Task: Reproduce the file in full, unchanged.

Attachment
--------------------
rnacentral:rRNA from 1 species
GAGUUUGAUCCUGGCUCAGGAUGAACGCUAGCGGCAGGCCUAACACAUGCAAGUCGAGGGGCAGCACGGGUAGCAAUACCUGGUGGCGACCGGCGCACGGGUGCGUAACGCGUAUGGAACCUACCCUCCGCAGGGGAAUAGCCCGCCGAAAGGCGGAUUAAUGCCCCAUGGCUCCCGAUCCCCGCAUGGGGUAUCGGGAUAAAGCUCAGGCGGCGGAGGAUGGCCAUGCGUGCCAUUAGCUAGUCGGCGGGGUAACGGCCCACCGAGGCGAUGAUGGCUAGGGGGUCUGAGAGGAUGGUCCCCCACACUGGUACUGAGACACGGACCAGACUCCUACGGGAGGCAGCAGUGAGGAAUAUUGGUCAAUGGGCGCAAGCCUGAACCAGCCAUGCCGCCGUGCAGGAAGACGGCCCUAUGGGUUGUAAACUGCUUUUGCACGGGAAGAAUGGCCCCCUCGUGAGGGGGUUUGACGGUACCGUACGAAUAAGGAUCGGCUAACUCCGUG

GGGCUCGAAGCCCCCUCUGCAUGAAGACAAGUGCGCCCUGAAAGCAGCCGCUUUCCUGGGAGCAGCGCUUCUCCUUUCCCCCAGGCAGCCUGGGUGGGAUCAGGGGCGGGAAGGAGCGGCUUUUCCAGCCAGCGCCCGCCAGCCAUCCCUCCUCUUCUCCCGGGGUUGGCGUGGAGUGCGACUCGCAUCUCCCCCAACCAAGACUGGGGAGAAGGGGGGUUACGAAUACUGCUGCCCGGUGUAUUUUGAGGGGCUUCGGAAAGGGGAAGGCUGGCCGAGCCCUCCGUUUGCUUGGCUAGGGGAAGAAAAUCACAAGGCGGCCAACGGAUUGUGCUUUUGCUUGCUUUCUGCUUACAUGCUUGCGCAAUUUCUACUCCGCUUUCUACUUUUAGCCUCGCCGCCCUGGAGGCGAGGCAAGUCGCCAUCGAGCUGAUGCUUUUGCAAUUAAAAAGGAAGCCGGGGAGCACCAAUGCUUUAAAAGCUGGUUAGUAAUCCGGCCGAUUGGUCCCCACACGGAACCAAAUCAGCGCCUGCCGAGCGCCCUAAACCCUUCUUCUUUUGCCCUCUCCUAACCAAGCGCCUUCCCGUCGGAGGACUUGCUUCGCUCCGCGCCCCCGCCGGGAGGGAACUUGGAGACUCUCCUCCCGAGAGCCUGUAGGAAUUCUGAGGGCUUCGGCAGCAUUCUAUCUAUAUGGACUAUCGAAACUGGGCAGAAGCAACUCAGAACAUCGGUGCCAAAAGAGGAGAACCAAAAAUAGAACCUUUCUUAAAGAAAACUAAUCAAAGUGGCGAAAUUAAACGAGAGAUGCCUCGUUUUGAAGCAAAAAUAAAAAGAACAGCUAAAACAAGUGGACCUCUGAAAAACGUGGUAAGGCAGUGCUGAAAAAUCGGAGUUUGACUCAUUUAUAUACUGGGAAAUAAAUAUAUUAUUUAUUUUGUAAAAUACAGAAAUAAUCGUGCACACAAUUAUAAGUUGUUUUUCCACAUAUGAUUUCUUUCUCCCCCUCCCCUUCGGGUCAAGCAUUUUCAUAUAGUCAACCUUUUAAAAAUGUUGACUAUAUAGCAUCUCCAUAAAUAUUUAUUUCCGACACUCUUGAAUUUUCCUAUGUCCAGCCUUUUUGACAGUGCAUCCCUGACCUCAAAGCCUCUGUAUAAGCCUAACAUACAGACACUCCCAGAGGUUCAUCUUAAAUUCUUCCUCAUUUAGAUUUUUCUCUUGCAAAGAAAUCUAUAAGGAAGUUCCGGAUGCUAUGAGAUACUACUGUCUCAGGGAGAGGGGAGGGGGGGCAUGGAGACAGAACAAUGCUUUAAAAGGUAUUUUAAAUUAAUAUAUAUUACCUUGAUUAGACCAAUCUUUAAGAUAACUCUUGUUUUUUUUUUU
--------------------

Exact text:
rnacentral:rRNA from 1 species
GAGUUUGAUCCUGGCUCAGGAUGAACGCUAGCGGCAGGCCUAACACAUGCAAGUCGAGGGGCAGCACGGGUAGCAAUACCUGGUGGCGACCGGCGCACGGGUGCGUAACGCGUAUGGAACCUACCCUCCGCAGGGGAAUAGCCCGCCGAAAGGCGGAUUAAUGCCCCAUGGCUCCCGAUCCCCGCAUGGGGUAUCGGGAUAAAGCUCAGGCGGCGGAGGAUGGCCAUGCGUGCCAUUAGCUAGUCGGCGGGGUAACGGCCCACCGAGGCGAUGAUGGCUAGGGGGUCUGAGAGGAUGGUCCCCCACACUGGUACUGAGACACGGACCAGACUCCUACGGGAGGCAGCAGUGAGGAAUAUUGGUCAAUGGGCGCAAGCCUGAACCAGCCAUGCCGCCGUGCAGGAAGACGGCCCUAUGGGUUGUAAACUGCUUUUGCACGGGAAGAAUGGCCCCCUCGUGAGGGGGUUUGACGGUACCGUACGAAUAAGGAUCGGCUAACUCCGUG

GGGCUCGAAGCCCCCUCUGCAUGAAGACAAGUGCGCCCUGAAAGCAGCCGCUUUCCUGGGAGCAGCGCUUCUCCUUUCCCCCAGGCAGCCUGGGUGGGAUCAGGGGCGGGAAGGAGCGGCUUUUCCAGCCAGCGCCCGCCAGCCAUCCCUCCUCUUCUCCCGGGGUUGGCGUGGAGUGCGACUCGCAUCUCCCCCAACCAAGACUGGGGAGAAGGGGGGUUACGAAUACUGCUGCCCGGUGUAUUUUGAGGGGCUUCGGAAAGGGGAAGGCUGGCCGAGCCCUCCGUUUGCUUGGCUAGGGGAAGAAAAUCACAAGGCGGCCAACGGAUUGUGCUUUUGCUUGCUUUCUGCUUACAUGCUUGCGCAAUUUCUACUCCGCUUUCUACUUUUAGCCUCGCCGCCCUGGAGGCGAGGCAAGUCGCCAUCGAGCUGAUGCUUUUGCAAUUAAAAAGGAAGCCGGGGAGCACCAAUGCUUUAAAAGCUGGUUAGUAAUCCGGCCGAUUGGUCCCCACACGGAACCAAAUCAGCGCCUGCCGAGCGCCCUAAACCCUUCUUCUUUUGCCCUCUCCUAACCAAGCGCCUUCCCGUCGGAGGACUUGCUUCGCUCCGCGCCCCCGCCGGGAGGGAACUUGGAGACUCUCCUCCCGAGAGCCUGUAGGAAUUCUGAGGGCUUCGGCAGCAUUCUAUCUAUAUGGACUAUCGAAACUGGGCAGAAGCAACUCAGAACAUCGGUGCCAAAAGAGGAGAACCAAAAAUAGAACCUUUCUUAAAGAAAACUAAUCAAAGUGGCGAAAUUAAACGAGAGAUGCCUCGUUUUGAAGCAAAAAUAAAAAGAACAGCUAAAACAAGUGGACCUCUGAAAAACGUGGUAAGGCAGUGCUGAAAAAUCGGAGUUUGACUCAUUUAUAUACUGGGAAAUAAAUAUAUUAUUUAUUUUGUAAAAUACAGAAAUAAUCGUGCACACAAUUAUAAGUUGUUUUUCCACAUAUGAUUUCUUUCUCCCCCUCCCCUUCGGGUCAAGCAUUUUCAUAUAGUCAACCUUUUAAAAAUGUUGACUAUAUAGCAUCUCCAUAAAUAUUUAUUUCCGACACUCUUGAAUUUUCCUAUGUCCAGCCUUUUUGACAGUGCAUCCCUGACCUCAAAGCCUCUGUAUAAGCCUAACAUACAGACACUCCCAGAGGUUCAUCUUAAAUUCUUCCUCAUUUAGAUUUUUCUCUUGCAAAGAAAUCUAUAAGGAAGUUCCGGAUGCUAUGAGAUACUACUGUCUCAGGGAGAGGGGAGGGGGGGCAUGGAGACAGAACAAUGCUUUAAAAGGUAUUUUAAAUUAAUAUAUAUUACCUUGAUUAGACCAAUCUUUAAGAUAACUCUUGUUUUUUUUUUU